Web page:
“We are enormously grateful for those donations as well as the expertise and professionalism on the part of Bob Zuke and his crew, including Roger Laflamme,” said Jake Hawkins, president of the historical society, in an Oct. 27 email. “As we get into fall, the Arundel Historical Society will host a few events and we ask for your support so we can continue our efforts.”

On Election Day, Nov. 2, the society will continue its bake sale tradition at town hall from 8 a.m. to 5 p.m.

On Saturday, Nov. 27, the historical society will participate the Kennebunk, Kennebunkport and Arundel Chamber of Commerce’s Pajama Shopping Day. The society will set has a bake sale, plant sale and White Elephant sale from 8 a.m. to noon at Weirs Motors, located on Route 1 in Arundel. Crafters will also be in attendance. Reindeer Games raffle tickets will be sold at the events.


York County Audubon presents ‘Partnering With Beavers to Heal the Planet’

In a Nov. 16 Zoom presentation, Ben Goldfarb will illustrate the history beavers and demonstrate how they help fight drought, flooding, wildfire and climate change. Courtesy photo

The consequences of losing beavers were profound: streams eroded, wetlands dried up, and species from salmon to swans and other birds lost vital habitat. Today, a growing coalition of “Beaver Believers” — including scientists, ranchers, and passionate citizens — recognizes that ecosystems with beavers are far healthier, for humans and non-humans than those without them.

On Tuesday, Nov. 16, York County Audubon will present a Zoom program,  “Partnering With Beavers to Heal the Planet” with Ben Goldfarb. The program will begin at 7 p.m. There’s no charge to participate, but advance registration is required. To register, visit, and click on the link. After registering, participants will receive a confirmation email with information about joining the meeting.

Goldfarb is an award-winning environmental journalist and speaker. His recent book “Eager: The Surprising Secret Life of Beavers and Why They Matter” reveals that the modern idea of what a healthy landscape looks like and how it functions is wrong, distorted by the fur trade that once trapped out millions of beavers from North America’s lakes and rivers.

Goldfarb will illustrate the history of the world-changing species and demonstrate how beavers can help fight drought, flooding, wildfire and climate change. His discussion will reveal the benefits to birds and wildlife that are possible when we coexist with this important if sometimes challenging species.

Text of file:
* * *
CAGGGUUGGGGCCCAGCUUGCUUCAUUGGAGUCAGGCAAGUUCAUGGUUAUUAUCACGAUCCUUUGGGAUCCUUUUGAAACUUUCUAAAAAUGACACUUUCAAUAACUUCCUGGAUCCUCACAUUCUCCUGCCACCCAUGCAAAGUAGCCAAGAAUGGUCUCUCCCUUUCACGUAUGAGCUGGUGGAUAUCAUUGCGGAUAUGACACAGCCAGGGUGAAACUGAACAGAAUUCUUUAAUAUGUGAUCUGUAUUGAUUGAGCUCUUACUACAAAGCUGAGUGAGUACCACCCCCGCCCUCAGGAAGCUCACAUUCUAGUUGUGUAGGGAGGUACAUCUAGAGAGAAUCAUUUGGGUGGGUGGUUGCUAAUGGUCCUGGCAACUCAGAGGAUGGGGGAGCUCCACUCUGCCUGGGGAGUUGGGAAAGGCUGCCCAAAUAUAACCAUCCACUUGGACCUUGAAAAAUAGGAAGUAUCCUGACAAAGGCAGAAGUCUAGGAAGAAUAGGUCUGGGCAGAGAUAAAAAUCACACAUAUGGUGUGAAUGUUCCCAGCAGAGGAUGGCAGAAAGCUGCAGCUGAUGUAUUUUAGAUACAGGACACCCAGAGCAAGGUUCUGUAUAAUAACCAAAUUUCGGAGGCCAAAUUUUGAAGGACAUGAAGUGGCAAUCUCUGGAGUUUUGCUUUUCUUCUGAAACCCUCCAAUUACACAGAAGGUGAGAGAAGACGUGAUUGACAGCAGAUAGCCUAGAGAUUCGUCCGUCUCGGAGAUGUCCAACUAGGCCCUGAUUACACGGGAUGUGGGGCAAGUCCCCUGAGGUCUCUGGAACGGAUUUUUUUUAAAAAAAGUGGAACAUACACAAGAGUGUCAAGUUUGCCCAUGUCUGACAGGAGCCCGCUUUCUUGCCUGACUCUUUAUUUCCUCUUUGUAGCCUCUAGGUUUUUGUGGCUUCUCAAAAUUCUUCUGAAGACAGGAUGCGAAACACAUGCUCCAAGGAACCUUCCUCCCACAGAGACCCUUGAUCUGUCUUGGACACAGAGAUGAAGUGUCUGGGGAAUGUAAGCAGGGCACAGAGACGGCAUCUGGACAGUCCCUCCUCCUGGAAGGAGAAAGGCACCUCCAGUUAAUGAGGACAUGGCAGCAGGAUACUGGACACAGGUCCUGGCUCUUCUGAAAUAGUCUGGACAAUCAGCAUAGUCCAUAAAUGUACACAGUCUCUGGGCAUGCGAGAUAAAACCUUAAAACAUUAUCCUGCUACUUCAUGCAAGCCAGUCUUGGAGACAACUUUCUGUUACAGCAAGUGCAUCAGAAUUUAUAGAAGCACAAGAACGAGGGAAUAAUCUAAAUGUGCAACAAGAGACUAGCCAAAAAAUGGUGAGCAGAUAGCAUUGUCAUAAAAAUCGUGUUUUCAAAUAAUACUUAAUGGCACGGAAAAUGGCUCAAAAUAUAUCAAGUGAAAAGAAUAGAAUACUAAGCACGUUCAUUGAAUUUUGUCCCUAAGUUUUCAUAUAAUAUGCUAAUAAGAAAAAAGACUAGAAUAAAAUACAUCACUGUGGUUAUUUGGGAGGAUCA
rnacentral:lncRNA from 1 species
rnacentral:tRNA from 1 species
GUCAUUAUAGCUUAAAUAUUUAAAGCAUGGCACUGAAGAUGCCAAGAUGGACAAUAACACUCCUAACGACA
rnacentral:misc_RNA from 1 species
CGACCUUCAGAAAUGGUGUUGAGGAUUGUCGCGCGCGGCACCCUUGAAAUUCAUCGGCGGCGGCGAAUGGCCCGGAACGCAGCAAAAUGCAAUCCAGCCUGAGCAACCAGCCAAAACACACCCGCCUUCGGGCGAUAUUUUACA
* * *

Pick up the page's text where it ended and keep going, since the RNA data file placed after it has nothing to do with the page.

Goldfarb is the winner of the 2019 PEN/E.O. Wilson Literary Science Writing Award and “Eager” was named one of the best books of 2018 by the Washington Post. His writing has appeared in numerous publications including The Atlantic, Science, National Geographic, The New York Times, Audubon Magazine and many others.


Auction offers homemade holiday food

First Parish Unitarian Universalist Church in Kennebunk is holding an auction through Nov. 13. Guests will find all kinds of foods for festive dinners, pies, snacks and desserts.

Patrons can sign in and order a takeout Mexican meal for four, chocolate sauce, homemade jam and chocolate chip cookies. Some choices will go to the highest bidder. Others are offered multiple times, like the takeout turkey pie with cranberry sauce — 16 available with an early-bid discount.

To view available items, visit or visit

York County GOP schedules meeting

The York County Republican Committee monthly meeting will be held on Wednesday, Nov. 10 in the auditorium on the second floor of Alfred Town Hall, 16 Saco Road. Doors open at 6:30 p.m., followed by a business meeting from 7 to 8:30 p.m.

Guest speaker will be James Cohen, former mayor of Portland and Verrill Dana Law partner. Cohen was named Maine Energy Law Lawyer of the Year in 2020 by Best Lawyers in America. He will discuss and answer questions regarding proposed legislation for state government takeover of CMP.

For more information or to be added to committee email list, email or call 207-468-2395.

Turn the clocks back one hour. Courtesy image

Kennebunk businesses entertained a large turnout at the Main Street Trick-or-Treat event on Oct. 29. The evening included a unicorn family and grouchy Muppet characters Waldorf (upper balcony) and Statler (lower balcony) sending treats down the pipe to trick-or-treaters from their perches at the water district. Cynthia Fitzmorris photo

Kennebunk businesses entertained a large turnout at the Main Street Trick-or-Treat event on Oct. 29. The evening included a unicorn family and grouchy Muppet characters Waldorf (upper balcony) and Statler (lower balcony) sending treats down the pipe to trick-or-treaters from their perches at the water district. Cynthia Fitzmorris photo

In 2006, Kennebunkport Conservation Trust acquired the grist mill property on Mill Lane in Kennebunkport. The property includes public access to Mast Cove and the site of Perkins Grist Mill and Clement Clarke Boathouse. The mill was built in 1749 and operated until 1939. It was destroyed by an arson fire in 1994. Dan King photo

Fall colors surround South Congregational Church in Kennebunkport. Dan King photo